Posted in Chronicles in Creation

So You Want To Draw A Map? Part 1

Welcome back everyone!

Guess what? We’re going to be talking about maps!

…Now that I think about it, the title may have given that away a little…



So… Why Are We Doing This?

So I’ve mentioned before that I’m not naturally artistic. Some people draw for pleasure and they produce really inspiring work, and I’m very envious of you people! I have at best a really functional style and the last time I had any formal technical training I was fifteen.

So… why set about drawing maps for my books?

Well, for one thing maps are very interesting and beautiful works of art! Even the most prosaic maps are a fun bird’s eye view on the world and especially historical or fantasy maps have some beautiful flourishes! They also tell you a lot about the people who drew those maps and what they thought of the rest of the world, and their place within it. (Note to self: do a post on this…)

But maps can be useful as well as beautiful!

Back in Uncharted TerritoryI talked a little about why I think maps-in-books are useful things. Sure, they are fun and cool for readers, who get more of a sense that your world is 3D and that things exist even when the story doesn’t go there.

But maps are absolutely fantastic tools for writers.

The advantage of drawing a map for writers is possibly not immediately obvious, but that just means it’s actually your secret weapon! In terms of world-design and -building, drawing a map of your world literally forces you to confront some of the weaker spots in your ideas, and – despite how much we all hate that at first – that’s always a good thing.

For example, if the country you are telling me about is described as being huge and prosperous and has a lot of allies and trading partners, and yet it only has one major city… Yeah, I have questions and they aren’t going to be fun ones. Alternatively, if the country is a very militarily aggressive one, but it hasn’t got a whole lot of fortifications and there isn’t a close and well-placed network of guard-houses, fortress, and assorted whatnots, that country is similarly going to give rise to some probing concerns.

It’s easy to forget about such details when you’re busy coming up with a fun story and cool characters; and that’s totally understandable because that’s what your audience is there for, after all. (See World-Building and Why It Really Does Matter for ‘The Holy Trinity of Narrative’ to discuss further.)

But if you want to make use of a larger world later then you definitely need to think about and, if you can, set up those elements as early as possible to avoid throwing your readers a googly. There’s nothing worse than being three books into a series and suddenly someone turns around and casually mentions something which is apparently intrinsic to the story’s society yet has never come up before and no one addresses this.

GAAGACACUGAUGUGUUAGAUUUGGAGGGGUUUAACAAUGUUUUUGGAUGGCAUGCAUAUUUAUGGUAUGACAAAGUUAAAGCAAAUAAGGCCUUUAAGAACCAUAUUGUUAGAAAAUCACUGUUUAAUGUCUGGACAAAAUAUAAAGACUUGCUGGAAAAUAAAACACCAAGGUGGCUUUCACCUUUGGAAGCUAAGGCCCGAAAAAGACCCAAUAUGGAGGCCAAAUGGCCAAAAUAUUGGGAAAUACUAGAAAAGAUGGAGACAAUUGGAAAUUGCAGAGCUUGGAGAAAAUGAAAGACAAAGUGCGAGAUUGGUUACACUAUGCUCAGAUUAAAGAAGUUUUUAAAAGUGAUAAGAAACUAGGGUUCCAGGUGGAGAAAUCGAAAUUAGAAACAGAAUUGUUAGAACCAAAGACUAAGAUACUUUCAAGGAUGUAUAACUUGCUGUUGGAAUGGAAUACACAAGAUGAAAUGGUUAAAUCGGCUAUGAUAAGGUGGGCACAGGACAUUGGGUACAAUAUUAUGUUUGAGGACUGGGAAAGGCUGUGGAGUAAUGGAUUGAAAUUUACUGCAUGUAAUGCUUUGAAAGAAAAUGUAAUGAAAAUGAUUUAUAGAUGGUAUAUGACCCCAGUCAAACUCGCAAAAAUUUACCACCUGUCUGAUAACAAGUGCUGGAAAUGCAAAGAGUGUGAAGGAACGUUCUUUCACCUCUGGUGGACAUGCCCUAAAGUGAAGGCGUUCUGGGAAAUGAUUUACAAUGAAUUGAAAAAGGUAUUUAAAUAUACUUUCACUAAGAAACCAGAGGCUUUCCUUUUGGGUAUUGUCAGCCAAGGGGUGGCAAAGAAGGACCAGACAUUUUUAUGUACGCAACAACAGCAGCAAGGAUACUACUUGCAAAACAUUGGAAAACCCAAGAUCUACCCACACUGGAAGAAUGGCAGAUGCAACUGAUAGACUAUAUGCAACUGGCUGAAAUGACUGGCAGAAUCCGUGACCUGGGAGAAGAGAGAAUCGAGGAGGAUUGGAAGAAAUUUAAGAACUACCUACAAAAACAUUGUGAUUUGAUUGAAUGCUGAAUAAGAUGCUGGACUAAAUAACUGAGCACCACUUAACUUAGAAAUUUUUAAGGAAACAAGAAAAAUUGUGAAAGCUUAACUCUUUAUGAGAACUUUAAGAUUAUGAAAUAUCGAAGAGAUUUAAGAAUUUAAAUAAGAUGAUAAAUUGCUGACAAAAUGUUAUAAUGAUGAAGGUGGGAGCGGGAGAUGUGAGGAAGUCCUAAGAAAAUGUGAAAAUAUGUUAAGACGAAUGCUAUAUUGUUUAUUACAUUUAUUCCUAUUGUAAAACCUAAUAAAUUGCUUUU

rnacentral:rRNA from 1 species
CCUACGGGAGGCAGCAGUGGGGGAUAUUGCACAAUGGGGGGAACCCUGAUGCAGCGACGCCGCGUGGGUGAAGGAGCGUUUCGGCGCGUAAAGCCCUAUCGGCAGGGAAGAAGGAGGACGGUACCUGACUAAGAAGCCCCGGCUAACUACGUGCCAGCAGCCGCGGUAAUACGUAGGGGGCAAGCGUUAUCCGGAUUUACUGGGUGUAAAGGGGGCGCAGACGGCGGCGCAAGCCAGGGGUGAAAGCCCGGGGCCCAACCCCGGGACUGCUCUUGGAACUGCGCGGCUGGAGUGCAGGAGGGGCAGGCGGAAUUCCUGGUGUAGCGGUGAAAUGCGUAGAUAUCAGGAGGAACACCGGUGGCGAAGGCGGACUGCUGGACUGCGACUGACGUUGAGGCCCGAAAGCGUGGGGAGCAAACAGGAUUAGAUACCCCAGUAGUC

So as I delved more and more into various things I needed to think about for my own novels, I realised that drawing out a few maps was going to be vital in ironing out some weak spots. And as always, I will be sharing anything useful I learned with all of you lovely people.

Now, as always, this will not be a ‘How To Draw Your map’ kind of thing. If you want tips on how to draw mountains or sea-charts and things, then check out Uncharted Territory for my personal recommendations on people who’ve already produced some great guides on drawing maps and different stylistic options you can use. I’ve lent the book I talk about to several other people, and they have also found it to be helpful, so I’m sure you will too.

Nope, as always we’ll be looking at how to make choices in drawing you map; where do you put your island? What inspiration can you pull from? How do you know what to include from the start? What are you even making this map for anyway?

Map Effect
For better or worse, we all know this feeling, don’t deny it!

This page is a Masterpost (should that have be capitalised? Not sure…) for all things mapping related, for anyone who would like to come back and keep up to date without having to trek back through the rest of the series.

Next up, we’re going to be taking a close look at other people’s maps to see what we can learn from them, because as always, it’s worth taking a look at what works for other people before setting out to reinvent the wheel!

Prologue – Uncharted Territory – In which I try out drawing for the first time in forever, and recommend things that I found helpful.

Part 2 – Map Effect Sooo… Why are we drawing this again? Taking a look at Narnia, Westeros, Middle Earth and more!

Part 3 – A Kingdom for the Oak King – Tackling the hard parts first and working with Scotch Mist

Part 4 – No Map is An Island – Sometimes all you can do is keep drawing until you get it right…


Writer. Crafter. Nerd.

18 thoughts on “So You Want To Draw A Map? Part 1

    1. Thanks! I’m not very good at it, but I’m hoping that it will help me in my writing.